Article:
Are you a creative who would like to break into the industry? Would you like to make more money from your art sales? Does starting at a blank canvas intimidate you?
If so, then Lift Off Art is here for you!
Creating art is hard. Creating art for a living is even harder. Artists and creatives are weighed down by crippling self-doubt, fear of rejection, and impostor syndrome. Add on a lack of solid business advice for artists and even less information about what it's like to be a professional artist, and even attempting to make it as a creative professional can seem like a Herculean effort. No wonder people believe in the myth of the Starving Artist.
Despite these obstacles and the downturn of the economy, in 2007, Rick Kitagawa and Eve Skylar made the best decision of their lives and decided to go pursue art as a career. After meeting each other at UC Berkeley at a theater club (Rick was studying Biology and Asian American studies, Eve was studying Narrative Theory and Acting), the two graduated and promptly decided to enroll in art school. While in school, they started vending at local art and craft fairs as Monkey + Seal. To keep in touch with fans, they started blogging.
At first, the blog was mainly about their art, but as they developed as artists and professionals, the content evolved to the emotional hurdles that plagued them as creatives. From artist's block to business mistakes, from fear of failure to the fear of the blank canvas, Rick and Eve began to shed light into the challenges and obstacles faced by artists trying to create and live off their craft.
Fast-forward to 2015. Although he couldn't paint when he started art school, Rick holds down sponsorship deals from multiple art material companies, paints for gallery shows, runs a successful screen printing business, and teaches business and entrepreneurship at universities across California. Taking inspiration from the animated films of her youth, Eve's artistic talent bloomed as a successful visual development artist, working in both the game and film industry with clients such as Paramount Pictures, SEGA, and Nightwheel Pictures to help create award-winning, internationally acclaimed films.
After unfortunately taking time off from blogging to build their careers, this dynamic duo is back. While there are many venues to learn the technical aspects of creating art, Rick and Eve found an absence in solid, research-based, tactical advice on dealing with the psychological demons that prevent artists from being their best selves. Just as sparse was any specific, tactical advice for breaking in and making it in the art world and how to present oneself to the industry.
After mixing first-hand experience with research in business, psychology, biology, and personal development, and sprinkling in an emphasis on intersectionality, identity politics, and empathy, Lift Off Art was born. We honestly believe that everyone is an artist at heart, and whether you want to create more or if you want to be a professional artist, we're here to help guide you. So join up today and let's change the world with your art.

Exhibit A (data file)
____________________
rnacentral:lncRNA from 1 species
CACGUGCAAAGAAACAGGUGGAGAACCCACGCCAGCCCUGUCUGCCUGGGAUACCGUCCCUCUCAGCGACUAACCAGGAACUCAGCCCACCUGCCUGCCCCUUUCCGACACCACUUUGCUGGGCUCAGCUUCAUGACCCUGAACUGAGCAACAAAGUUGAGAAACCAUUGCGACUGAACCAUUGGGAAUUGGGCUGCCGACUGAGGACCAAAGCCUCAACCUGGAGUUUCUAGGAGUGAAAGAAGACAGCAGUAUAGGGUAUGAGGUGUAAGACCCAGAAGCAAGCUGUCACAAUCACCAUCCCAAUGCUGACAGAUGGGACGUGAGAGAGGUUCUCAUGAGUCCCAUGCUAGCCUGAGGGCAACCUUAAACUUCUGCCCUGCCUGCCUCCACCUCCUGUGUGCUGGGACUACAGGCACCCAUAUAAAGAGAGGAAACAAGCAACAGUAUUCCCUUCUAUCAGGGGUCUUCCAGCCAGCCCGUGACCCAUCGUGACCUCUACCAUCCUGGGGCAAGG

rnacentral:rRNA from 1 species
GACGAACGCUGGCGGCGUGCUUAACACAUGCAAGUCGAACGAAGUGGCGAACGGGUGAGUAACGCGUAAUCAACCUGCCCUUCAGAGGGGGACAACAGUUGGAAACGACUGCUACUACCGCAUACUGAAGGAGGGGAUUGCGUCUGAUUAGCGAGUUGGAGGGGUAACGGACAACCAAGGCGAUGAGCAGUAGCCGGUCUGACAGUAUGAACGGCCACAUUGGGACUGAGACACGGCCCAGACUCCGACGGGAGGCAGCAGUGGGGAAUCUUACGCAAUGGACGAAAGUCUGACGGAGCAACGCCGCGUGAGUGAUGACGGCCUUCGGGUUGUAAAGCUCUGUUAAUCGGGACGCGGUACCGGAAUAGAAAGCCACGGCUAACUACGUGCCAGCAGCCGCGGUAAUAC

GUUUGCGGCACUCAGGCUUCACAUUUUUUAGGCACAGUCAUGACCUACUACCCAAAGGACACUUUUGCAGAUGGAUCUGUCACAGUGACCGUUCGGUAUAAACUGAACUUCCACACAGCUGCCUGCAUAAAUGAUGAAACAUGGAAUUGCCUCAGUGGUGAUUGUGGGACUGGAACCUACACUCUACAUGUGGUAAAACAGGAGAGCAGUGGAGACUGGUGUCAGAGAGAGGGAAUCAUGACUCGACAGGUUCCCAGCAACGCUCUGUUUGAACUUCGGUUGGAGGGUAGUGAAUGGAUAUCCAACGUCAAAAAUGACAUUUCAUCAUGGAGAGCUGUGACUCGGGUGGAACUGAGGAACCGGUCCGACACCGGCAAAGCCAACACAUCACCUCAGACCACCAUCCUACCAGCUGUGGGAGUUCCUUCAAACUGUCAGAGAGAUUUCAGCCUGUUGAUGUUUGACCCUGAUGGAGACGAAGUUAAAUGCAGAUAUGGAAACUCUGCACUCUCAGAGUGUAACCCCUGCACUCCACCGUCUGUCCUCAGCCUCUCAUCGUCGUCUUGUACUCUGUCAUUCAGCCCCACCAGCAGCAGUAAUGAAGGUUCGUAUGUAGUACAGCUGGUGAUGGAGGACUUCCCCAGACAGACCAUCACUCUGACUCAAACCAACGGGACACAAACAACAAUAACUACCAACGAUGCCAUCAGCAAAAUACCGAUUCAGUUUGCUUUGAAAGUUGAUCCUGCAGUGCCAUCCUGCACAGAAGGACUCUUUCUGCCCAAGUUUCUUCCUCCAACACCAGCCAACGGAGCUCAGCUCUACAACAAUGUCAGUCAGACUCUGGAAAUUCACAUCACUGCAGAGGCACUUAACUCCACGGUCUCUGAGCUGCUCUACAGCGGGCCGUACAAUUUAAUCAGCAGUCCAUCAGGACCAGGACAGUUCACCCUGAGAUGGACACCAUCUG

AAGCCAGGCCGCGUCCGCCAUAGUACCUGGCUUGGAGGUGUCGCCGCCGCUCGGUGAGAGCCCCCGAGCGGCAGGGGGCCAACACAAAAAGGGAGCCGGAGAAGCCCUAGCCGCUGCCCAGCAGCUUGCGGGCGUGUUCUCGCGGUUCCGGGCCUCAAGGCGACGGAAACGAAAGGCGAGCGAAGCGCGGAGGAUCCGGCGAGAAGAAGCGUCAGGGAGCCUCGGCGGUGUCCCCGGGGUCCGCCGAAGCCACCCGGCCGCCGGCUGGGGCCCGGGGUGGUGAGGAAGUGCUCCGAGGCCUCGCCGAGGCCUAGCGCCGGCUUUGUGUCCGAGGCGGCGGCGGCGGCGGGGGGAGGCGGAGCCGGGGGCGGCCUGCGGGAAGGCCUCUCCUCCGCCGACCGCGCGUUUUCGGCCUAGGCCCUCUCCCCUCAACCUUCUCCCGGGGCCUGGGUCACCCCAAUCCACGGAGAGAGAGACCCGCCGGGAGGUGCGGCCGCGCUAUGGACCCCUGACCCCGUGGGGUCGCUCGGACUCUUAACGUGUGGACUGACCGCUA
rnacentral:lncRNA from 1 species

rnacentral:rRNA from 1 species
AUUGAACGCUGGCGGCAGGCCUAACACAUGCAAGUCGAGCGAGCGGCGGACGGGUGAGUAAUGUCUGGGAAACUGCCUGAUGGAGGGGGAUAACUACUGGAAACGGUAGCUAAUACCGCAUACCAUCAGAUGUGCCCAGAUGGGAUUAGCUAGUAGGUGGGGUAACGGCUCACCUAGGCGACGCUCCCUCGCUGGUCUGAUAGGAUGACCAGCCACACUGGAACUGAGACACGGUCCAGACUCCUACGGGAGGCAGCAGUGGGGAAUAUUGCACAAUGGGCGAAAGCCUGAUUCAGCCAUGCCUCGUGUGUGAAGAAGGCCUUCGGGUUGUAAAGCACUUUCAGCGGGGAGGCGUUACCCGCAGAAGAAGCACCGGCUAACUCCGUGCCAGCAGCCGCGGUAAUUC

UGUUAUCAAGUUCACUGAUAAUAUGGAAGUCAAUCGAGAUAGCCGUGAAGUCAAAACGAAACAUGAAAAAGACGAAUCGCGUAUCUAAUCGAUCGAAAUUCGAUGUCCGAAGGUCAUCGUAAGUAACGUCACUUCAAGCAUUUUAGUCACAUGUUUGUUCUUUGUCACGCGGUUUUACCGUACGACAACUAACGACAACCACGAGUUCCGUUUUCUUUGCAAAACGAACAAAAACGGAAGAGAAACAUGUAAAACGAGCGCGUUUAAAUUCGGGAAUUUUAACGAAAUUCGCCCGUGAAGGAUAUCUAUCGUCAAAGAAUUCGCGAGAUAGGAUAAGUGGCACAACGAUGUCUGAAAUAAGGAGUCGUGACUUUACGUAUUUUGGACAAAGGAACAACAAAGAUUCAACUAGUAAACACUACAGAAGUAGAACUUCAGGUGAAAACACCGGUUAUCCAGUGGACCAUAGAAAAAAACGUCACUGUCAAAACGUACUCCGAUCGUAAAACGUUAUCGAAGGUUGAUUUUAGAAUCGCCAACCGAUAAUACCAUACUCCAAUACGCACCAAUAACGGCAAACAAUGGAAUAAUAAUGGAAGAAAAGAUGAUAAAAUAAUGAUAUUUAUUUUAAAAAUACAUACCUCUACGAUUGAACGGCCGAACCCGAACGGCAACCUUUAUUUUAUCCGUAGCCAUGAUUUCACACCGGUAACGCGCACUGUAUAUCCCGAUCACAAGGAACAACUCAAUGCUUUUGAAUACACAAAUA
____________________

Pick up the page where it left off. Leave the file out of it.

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Shakespeare once said “All the world’s a stage / And all the men and women merely players” and he’s 100% right. With a world that runs on Instagram, Facebook, and Tindr, we’re constantly putting ourselves on stage.
We curate what we share with the world so we can make ourselves the most appealing (or what we think others will find the most appealing). We post the selfie when we’re at the hip art show, but not when we’re disheveled after working on a freelance project for two days straight. We show the painting that sold, not the five paintings that lay unsold in our apartment.
This makes total sense to me as a marketer. Obviously, whether we’re trying to establish a brand, find a date, or keep in touch with friends, we want to show our best selves.
However, when we see others, whether its peers or celebrities, we tend to forget this fact. There’s a lot of comparing ourselves to them, wondering how they might have such great luck, or that they know so many more people than you, or that maybe they’re just naturally talented.
Michael Jordan, the most amazing basketball player in the world, has this message for you: don’t make excuses.
Sure, this is a commercial for your shoes, but damn, that commercial gives me chills, and I’ve watched it about four times in a row now. Really, it’s a great reminder that while we might bemoan everyone’s good luck or talent or success, we really should be constantly looking within ourselves. It’s not about whether or not someone else is destroying the competition, but whether we’re letting that act as an excuse to do our best.
“Someone else has already made it” is a great excuse to keep from putting your own twist on something. “They’re too good at doing what I want to be doing so why should I even try?” is a great question to ask yourself to keep yourself from risking something. The best thing is that art isn’t a zero-sum game – we can all be winners. Sure, there are a finite number of jobs at any given company, or only so many galleries in the world, but that doesn’t mean we have to be all cut-throat about anything. If we really choose to, there very little that we cannot achieve ourselves.